TechCrunch sound a similar theme: After the gold rush.  "Those hordes of ambitious entrepreneurs still stampeding to the Bay Area in the hopes of building their Minimum Viable Product, getting into Y Combinator, and growing their app into the Next Big Thing–they're already too late. That era is behind us."  Mercifully.

the most dangerous writing app ... don't stop!Speaking of strange new products; here we have The most dangerous writing app.  You pick a time interval, start typing, and then you must continue to type, or you will lose everything.  Wow, *that* will blow up writer's block!  [Thanks, Josh!]

Did you see this?  Intuit are selling their Quicken business to private equity firm HIG Capital.  My longtime friend and ex-colleague Eric Dunn spearheaded this transaction, and will now be running the new Quicken business.  Best wishes to him!

Deep sea Octopus ... Casper?And here we have a brand new Octopus species discovered at 14,000 feet under the ocean: Meet Casper.  More proof that just when you think you've seen it all, you realize "it all" is so much more than you imagined.



Iditarod: day 2 ... up the Alaska Range

Tuesday,  03/08/16  09:34 AM

Nicholas Petit and team coming into Finger LakeThis morning we recap Iditarod 2016 day 2, as "the peleton" make their way up the Alaska Range to Rainy Pass.  The leaders have already started down the backside, through the most treacheous sections of the race, Dalzell Gorge, and then Farewall Burn.

[at left, Nicolas Petit and team]


Dallas Seavey and team through Rainy PassLeader Nicholas Petit has nearly made it to Nikolai (#12 on the map below), closely followed by defending champion Dallas Seavey (#16) and his father, four-time champion Mitch Seavey (#19).  Wade Mars, Hugh Neff, Peter Kaiser, perennial contender Aliy Zirkle, and brothers Lance and Jason Mackey complete the top ten.  No surprises so far.  Many of these teams will stop and take their 24-hour rest in Nikolai.

[at right, Dallas Seavey and team]


Dalzell GorgeThe reports are that the Dalzell Gorge is in much better shape this year than it was in 2014, a year when many competitors wiped out there, and more than a few had to drop out afterward.  Plenty of snow and good trails. 

[at left, Dalzell Gorge trail]


Farewell BurnSimilarly for the Farewell Burn, a desolate area in the middle of nowhere where you are surrounded by the ghosts of old trees burned by a fire.

[at right, Farewall Burn...]


sunset into NikolaiRace veterans say if you can make it to Nikolai, you can make it to Nome.  Of course there are still 700 miles to go, long cold stretches along the Yukon River, and icy wind along the coast of Norton Bay.  The possibly of dogs encountering moose.  And the ever-present possibility of bad weather.

[at left, sunset coming into Nikolai]


[The pictures are from the amazing Sebastian Schnuelle, a successful musher in his own right who is following and blogging the race, and taking a bunch of great pictures.  Be sure to follow him on the Iditarod website.]

Onward to Nome!

Iditarod 3/8/16 at 7:49 AST - click to enbiggen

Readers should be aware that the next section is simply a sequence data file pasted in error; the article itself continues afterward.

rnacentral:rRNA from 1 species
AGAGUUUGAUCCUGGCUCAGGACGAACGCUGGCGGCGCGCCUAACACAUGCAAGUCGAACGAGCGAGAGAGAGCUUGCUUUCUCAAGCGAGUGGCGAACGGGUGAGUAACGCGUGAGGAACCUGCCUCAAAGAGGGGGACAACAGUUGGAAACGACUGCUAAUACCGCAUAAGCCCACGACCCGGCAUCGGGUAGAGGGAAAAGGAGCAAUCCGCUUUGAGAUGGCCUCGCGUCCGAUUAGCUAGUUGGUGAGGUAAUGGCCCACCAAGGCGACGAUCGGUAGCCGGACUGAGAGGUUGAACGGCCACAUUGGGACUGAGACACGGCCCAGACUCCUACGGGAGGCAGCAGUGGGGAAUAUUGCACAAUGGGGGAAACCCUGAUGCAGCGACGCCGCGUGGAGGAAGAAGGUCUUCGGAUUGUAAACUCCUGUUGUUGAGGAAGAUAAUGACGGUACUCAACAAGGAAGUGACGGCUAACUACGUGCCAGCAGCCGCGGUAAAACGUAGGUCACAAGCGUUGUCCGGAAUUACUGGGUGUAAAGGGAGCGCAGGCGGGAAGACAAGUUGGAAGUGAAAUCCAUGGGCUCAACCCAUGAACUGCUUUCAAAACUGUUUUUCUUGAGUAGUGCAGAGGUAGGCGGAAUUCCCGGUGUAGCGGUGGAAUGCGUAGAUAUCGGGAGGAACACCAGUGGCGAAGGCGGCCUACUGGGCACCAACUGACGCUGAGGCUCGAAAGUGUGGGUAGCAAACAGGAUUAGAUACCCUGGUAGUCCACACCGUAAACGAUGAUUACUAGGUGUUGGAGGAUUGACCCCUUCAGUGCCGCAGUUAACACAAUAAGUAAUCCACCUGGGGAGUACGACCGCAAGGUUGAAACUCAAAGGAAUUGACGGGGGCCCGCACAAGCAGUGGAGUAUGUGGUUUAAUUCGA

(click to enbiggen amazingly)

[All Iditarod 2016 posts]



Tuesday,  03/08/16  09:44 AM

return ... to zeroHa ... did I say I had recovered from my cold?  Kidding.  Precelebration is the root of all failure.  Anyway, yesterday was one of those days; I spent the whole day refactoring some code to make it better, only to realize at the end that it was not actually better.  This morning I'm back to the code as it was on the weekend.  Sigh.  I have been enjoying the Iditarod so far, as always (go DeeDee!), and am now deep into the mysteries of SVG ... and making a filter pass.

So this is cool: MIT scientists stunned by scalable quantum computer.  Apparently they have now made five "qubits".  I remain skeptical about quantum computing, but then, Einstein was skeptical about quantum mechanics, too.  Worth watching.

Apropos: this McKinsey report (!): the growing potential of quantum computing.

Not all research is equally cool: this paper appears to imply glaciers have gender.  Wow, that's about all I can say.  You almost think this must be a hoax, but then you realize, as a hoax it would be too obvious.

ice fishing in Astana, KazakhstanHere we have Ice fishing in one of the world's coldest cities (Astana, Kazakhstan).  I've been to Astana, but fortunately it was in Spring.  Astana is not only the coldest capital city in the world ... it is also one of the warmest.  I guess the weather in the Kazahkstanian steppes is ... variable.  A good place to be a climatologist!  (of any gender :)

Brad Feld with an interesting rumination: No one gets out of this alive.  (Where by "this" he means "life".)  "While I fantasize about the singularity and hope I live long enough to have my consciousness uploaded into something that allows me to continue to engage indefinitely, even if it’s a simulation of mortality, I accept the reality that life is finite.So far ... :)

3D TV ... makes a comeback, this time without the funky glassesThe glasses-free technology that made me believe in 3D TV again.  The human factor here is pretty important.  After watching Avatar I was convinced 3D would take over, but it hasn't, not even in movies, and I think that's because of the glasses.  The same problem that will afflict VR.

Leam Motion's VR controllerSpeaking of VR: Leap Motion's Minority Report -style gesture controller gets smarter, faster, and more accurate.  This is way cool, the input side of the VR equation is just as important as the output side.